With our second child I had high hopes of him following in his sister’s footsteps and “sleeping” early on. This time around, I decided that I wanted to put him down for bed at the same time as his sister and risk waking up for an early morning feeding so that my husband and I could get some down time in the evening. [Otherwise we’d be dealing with kids until our bedtime and then as soon as we got up and that sounded too overwhelming for me.]

For a while LB would wake up as we were heading to bed so I thought that perhaps we could kind of do the same schedule we had with BB. Not quite. The overnight pattern with LB was soooo unpredictable. He’d have several weeks with two feedings and then a night with only one feeding followed by a night with three. There were a couple of sporadic no-feeding nights which were awesome (followed by complete disappointment when he went back to multiple feedings the following night).

As we stumbled through his fifth and six months of life, the schedule slowly improved and leveled out to one or two feedings at night. Shortly before his half-birthday, he started sleeping from his 7:30 p.m. feeding until about 6:30 a.m. Praise the Lord! We’ve only had a handful of rough nights since then that I can recall and they were due to pain from cutting teeth and/or being in a new sleeping place on vacation. While it took longer to cut out the night feedings, LB was almost six months ahead of his sister on length of night sleep. And we don’t go into his room to soothe him like we did BB as we have laid him down awake and allowed him to soothe himself to sleep from the beginning.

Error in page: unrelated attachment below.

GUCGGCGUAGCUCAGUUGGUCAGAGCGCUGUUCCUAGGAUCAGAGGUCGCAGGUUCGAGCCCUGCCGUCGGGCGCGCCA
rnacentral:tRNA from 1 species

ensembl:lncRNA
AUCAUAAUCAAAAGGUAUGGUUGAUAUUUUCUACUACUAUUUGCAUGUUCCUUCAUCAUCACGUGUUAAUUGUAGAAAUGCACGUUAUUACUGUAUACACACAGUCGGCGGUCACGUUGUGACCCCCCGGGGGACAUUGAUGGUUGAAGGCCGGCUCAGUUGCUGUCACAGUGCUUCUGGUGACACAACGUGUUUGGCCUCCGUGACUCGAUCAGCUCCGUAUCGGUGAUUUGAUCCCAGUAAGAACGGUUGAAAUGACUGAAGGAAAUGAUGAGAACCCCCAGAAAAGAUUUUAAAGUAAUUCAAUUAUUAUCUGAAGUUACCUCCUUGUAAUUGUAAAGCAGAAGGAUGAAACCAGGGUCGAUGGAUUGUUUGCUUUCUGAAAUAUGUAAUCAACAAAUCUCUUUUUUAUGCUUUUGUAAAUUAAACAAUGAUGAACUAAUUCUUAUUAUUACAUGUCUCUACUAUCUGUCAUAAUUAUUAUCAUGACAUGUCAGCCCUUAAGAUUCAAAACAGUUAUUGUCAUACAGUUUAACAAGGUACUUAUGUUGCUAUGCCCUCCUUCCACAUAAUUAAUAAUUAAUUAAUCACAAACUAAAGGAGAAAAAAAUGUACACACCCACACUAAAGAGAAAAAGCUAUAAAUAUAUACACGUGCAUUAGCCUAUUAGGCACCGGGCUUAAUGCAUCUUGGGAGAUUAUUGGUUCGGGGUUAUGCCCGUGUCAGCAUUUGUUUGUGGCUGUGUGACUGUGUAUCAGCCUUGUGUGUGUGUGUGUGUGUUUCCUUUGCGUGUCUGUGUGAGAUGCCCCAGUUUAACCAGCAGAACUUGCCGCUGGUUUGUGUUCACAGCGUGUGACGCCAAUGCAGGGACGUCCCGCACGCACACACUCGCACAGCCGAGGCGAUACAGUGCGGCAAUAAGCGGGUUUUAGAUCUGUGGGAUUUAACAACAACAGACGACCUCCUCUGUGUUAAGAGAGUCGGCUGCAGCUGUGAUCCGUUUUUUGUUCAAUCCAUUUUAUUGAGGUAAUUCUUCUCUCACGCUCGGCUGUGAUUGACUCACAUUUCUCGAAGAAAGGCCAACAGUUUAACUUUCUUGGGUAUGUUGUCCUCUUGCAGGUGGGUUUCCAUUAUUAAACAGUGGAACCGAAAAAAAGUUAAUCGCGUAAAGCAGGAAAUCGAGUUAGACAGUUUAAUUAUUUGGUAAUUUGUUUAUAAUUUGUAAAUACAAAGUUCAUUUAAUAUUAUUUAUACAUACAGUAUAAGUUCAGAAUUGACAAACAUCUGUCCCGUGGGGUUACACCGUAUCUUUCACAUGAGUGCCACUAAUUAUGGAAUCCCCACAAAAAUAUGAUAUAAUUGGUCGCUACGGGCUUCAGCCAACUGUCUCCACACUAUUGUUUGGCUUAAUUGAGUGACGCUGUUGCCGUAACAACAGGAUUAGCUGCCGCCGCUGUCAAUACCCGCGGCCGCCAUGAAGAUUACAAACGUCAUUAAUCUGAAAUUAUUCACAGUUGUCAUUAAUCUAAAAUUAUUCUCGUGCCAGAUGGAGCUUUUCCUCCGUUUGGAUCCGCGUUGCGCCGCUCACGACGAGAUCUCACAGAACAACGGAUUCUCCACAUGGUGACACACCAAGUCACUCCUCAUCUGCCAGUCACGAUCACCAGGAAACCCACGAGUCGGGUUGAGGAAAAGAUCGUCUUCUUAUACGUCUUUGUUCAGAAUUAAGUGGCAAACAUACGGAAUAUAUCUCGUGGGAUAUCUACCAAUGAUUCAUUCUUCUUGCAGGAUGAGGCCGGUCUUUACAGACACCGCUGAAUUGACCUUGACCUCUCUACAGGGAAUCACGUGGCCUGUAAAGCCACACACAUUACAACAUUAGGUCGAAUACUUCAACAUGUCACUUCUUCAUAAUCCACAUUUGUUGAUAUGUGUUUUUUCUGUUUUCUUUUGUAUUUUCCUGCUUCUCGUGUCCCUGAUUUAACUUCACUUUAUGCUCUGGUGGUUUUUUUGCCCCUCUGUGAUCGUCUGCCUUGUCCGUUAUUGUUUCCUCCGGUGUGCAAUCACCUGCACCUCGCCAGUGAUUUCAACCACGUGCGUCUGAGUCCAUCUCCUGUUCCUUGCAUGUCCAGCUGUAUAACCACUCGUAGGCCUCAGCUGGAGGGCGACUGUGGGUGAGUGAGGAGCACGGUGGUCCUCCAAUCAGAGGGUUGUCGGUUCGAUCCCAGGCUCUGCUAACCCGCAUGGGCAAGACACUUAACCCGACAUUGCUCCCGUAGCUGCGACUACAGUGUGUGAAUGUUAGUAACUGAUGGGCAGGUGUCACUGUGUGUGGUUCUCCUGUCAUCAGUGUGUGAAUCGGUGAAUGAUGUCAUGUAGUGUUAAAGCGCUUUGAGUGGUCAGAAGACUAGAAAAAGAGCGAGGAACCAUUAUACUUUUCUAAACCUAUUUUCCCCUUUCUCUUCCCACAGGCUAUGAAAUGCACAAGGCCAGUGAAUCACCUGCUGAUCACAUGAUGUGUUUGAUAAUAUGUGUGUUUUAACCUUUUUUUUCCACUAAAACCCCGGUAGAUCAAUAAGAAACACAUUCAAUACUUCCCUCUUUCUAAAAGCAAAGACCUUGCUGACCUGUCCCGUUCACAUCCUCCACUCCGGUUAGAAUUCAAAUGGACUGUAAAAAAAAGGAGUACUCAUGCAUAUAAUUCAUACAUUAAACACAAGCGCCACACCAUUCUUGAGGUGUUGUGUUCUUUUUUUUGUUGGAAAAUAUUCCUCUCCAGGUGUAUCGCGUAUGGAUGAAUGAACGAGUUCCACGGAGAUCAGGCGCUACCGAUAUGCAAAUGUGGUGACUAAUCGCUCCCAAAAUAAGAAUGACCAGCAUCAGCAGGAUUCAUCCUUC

I share my experiences to let you know that it is possible to do many of the same things and still get different results. Both kids were breastfed on set intervals throughout the day. Both kids were swaddled to sleep for at least the first couple of months. Neither child started solids until six months. I think LB has gotten more and better naps than BB did (which may have helped some), but that is out of experience and necessity and is probably a topic for a different day.

How long until your kids slept through the night without feeding? Did you put them down awake? Do you have any tips that worked for your family that might help others?

Monday, July 22, 2013

You're Doing It Right

Hurray for an empty seat!